Melatonin is a natural hormone produced in the body by the pea-sized gland (pineal gland), located just above the middle of the brain.
Stimulated by darkness, melatonin is normally released in the evening, causing a state of drowsiness and thereby helping to promote sleep. This is the hormone that adjusts our internal clock known as the circadian rhythm.
The pattern of waking during the day when it is light and sleeping at night when it is dark is a natural part of life at any age.
How does melatonin help regulate sleep?
Exposure to light or to darkness is a key factor in the regulation of human sleep. A specific centre in the hypothalamus (the main control centre for the autonomic nervous system) initiates signals to various parts of the brain that control body temperature and other functions causing either sleepiness or wakefulness.
On exposure to first light each day, this special regulating centre begins performing functions like releasing stimulating hormones and raising body temperature. During the day the pineal gland is inactive and therefore daytime levels of melatonin are barely detectable. However, after sundown, melatonin levels in the blood rise sharply and stay elevated for about 12 hours, dropping back to daytime levels at about 9am. This raised level causes inertia and makes sleep inviting.
How can you use melatonin to help your children fall asleep naturally?
Creating optimal sleep conditions for babies and children involves curtailing exposure to light as far as possible.
The blue and green lights emitted by computers, smartphones and tablets neutralise the effects of melatonin and must therefore be switched off or not be in the immediate vicinity of a child’s sleeping environment.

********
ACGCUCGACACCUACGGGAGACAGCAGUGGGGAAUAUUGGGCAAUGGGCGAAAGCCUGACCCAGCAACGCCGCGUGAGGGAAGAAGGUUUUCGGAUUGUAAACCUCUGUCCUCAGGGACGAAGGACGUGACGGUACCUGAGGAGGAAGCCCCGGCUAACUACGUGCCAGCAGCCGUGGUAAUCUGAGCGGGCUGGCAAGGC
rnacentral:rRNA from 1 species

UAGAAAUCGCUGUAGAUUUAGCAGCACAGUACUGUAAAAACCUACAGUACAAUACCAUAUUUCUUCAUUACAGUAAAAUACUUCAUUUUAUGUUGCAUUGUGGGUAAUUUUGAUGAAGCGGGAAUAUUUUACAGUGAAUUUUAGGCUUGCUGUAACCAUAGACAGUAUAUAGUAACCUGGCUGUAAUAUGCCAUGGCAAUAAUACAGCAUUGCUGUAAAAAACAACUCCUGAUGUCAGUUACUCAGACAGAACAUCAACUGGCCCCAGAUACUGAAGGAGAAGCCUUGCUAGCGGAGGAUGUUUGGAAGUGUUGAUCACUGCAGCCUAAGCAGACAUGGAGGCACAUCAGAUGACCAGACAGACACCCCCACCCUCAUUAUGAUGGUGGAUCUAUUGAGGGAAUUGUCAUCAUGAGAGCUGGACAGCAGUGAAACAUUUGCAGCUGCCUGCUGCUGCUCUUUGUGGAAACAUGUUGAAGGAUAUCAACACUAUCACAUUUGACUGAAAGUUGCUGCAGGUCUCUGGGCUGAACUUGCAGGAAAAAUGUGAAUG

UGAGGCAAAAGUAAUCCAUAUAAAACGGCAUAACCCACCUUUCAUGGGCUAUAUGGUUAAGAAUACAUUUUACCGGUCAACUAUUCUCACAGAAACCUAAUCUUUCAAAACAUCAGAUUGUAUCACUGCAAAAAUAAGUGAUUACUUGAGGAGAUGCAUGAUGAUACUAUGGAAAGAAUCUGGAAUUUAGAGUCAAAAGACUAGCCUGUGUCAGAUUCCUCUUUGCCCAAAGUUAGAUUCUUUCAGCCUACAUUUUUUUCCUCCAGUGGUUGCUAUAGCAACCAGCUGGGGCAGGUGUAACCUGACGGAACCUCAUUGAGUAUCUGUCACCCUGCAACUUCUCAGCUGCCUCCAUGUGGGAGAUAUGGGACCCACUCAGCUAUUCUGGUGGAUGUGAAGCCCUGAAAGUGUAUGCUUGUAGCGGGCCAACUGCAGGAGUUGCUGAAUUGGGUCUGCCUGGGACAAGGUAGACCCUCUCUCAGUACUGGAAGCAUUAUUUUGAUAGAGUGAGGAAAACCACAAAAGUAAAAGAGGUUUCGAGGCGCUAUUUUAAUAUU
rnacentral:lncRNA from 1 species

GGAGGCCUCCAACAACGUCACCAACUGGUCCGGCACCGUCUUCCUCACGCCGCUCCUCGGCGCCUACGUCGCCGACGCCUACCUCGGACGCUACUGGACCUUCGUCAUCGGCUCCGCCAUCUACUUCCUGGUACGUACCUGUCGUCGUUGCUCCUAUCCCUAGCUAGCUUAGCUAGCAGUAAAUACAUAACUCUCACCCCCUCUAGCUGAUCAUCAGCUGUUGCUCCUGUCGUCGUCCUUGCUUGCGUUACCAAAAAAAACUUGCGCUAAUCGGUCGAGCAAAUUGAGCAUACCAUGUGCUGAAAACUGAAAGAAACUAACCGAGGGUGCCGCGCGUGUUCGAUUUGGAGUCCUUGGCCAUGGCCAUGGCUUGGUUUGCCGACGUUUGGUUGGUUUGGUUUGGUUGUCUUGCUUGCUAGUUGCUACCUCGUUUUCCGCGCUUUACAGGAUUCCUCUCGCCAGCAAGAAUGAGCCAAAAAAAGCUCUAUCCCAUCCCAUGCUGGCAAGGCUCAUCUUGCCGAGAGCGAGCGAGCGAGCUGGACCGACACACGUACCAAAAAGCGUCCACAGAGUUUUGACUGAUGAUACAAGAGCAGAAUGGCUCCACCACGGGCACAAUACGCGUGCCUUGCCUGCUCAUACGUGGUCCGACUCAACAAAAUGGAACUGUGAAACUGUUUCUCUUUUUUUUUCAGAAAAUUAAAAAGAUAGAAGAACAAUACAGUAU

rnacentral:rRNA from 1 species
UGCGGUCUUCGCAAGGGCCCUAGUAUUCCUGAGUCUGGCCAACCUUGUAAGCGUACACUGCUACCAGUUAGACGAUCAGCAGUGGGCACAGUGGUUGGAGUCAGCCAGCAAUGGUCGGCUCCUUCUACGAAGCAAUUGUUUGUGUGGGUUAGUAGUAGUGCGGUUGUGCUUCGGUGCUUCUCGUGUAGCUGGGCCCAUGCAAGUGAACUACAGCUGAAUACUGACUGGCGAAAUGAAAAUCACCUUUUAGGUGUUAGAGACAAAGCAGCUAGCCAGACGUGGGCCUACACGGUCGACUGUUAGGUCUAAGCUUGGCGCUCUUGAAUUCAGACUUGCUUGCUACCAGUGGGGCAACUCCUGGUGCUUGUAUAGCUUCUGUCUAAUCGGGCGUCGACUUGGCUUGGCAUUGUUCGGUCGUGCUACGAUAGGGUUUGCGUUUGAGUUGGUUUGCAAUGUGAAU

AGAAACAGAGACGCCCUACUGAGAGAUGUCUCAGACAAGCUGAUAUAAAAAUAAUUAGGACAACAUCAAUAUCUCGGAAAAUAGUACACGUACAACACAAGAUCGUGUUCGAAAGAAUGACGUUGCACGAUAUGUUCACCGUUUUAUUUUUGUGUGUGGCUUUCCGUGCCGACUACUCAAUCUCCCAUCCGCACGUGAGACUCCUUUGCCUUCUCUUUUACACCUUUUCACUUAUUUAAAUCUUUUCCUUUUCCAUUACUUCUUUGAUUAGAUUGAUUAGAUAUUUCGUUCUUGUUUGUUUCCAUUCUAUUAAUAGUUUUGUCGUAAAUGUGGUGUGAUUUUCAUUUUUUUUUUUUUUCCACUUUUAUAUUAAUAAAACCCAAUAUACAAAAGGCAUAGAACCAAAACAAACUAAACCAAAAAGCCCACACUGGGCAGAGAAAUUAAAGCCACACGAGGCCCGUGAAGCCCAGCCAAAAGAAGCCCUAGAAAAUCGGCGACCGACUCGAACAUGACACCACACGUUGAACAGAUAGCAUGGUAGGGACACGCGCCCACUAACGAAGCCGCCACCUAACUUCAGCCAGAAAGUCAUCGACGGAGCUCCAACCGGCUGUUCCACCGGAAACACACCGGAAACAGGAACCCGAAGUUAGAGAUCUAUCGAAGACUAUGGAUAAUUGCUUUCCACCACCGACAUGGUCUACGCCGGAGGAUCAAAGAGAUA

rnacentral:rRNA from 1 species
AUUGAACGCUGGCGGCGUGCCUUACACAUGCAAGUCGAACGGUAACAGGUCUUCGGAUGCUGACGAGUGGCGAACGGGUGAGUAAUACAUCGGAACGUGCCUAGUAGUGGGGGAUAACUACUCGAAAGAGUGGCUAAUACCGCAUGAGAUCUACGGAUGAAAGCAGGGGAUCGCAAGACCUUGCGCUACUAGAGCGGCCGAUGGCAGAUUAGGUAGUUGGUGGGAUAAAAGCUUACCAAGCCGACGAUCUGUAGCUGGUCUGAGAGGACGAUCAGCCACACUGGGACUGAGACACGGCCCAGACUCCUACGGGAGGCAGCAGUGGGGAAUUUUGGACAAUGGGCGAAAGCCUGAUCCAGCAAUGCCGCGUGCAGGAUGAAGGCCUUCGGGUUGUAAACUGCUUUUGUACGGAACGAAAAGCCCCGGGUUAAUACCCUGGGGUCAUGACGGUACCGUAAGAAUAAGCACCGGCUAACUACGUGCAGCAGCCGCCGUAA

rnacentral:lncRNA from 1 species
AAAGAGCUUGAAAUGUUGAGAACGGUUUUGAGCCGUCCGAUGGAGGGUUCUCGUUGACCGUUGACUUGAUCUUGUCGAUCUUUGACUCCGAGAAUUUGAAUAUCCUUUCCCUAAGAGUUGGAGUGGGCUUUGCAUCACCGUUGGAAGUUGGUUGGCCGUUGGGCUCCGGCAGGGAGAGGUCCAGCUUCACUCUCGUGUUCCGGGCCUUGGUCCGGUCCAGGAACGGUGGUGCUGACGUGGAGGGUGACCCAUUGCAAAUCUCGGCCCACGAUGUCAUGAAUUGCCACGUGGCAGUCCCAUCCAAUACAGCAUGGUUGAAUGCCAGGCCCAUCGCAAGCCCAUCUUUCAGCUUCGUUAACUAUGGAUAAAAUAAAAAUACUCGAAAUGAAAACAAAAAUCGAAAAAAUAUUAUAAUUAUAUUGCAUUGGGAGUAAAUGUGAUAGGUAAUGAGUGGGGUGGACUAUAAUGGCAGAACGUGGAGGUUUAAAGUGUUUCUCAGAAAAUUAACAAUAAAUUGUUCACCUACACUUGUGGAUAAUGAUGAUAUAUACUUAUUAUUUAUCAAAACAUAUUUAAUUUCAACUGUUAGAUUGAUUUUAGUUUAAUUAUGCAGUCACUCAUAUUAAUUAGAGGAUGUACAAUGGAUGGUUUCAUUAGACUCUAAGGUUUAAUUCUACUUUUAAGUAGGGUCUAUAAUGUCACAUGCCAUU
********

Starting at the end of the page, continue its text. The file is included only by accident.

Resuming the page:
Televisions and bright lights must also be avoided.
It is advisable to take children outside at sunset and to ensure that they do not watch or see any screens at this time of day.
What about taking a melatonin supplement?
There are children who suffer from serious sleep disorders, caused by reduced melatonin levels, who may benefit from supplementation.
But children with healthy levels of melatonin don’t need supplementation. Also there’s a lack of clinical research to indicate whether long-term use of melatonin supplements is safe for children. It may be assumed that giving a hormone to a child on a regular basis, over months or sometimes years, would inevitably produce some effect.
In addition, long-term usage of the supplement could result in psychological and even physical dependency. Children may then “need” it in order to fall asleep.
So how do you fix sleep problems?
So, why are an increasing number of parents turning to melatonin supplements to hopefully cure their children’s sleep problems?
It is understandable that stress and exhaustion suffered by parents could be a major factor accelerating this trend. Some parents, often tired and impatient, long to be able to flick a switch for their children to fall asleep.
And those parents working hard to institute satisfactory sleep patterns become frustrated when predictable daily schedules and consistent bedtime routines fail to produce the desired result. Weary of the struggle, they become tempted to try a quick fix like Melatonin.
With the right advice, encouragement and assistance these disheartened parents will recognise that time, patience and support will result in their babies and toddlers learning to sleep through the night and enjoying long restful naps.
I urge parents to take the time and do the work to truly solve their children’s sleep problems.
There are several gentle sleep training techniques available that will comprehensively address the needs of the entire individual child. Harmony and peaceful sleep will ensue when nutrition, environment, routine, disposition, family principles and developmental junctures are assessed.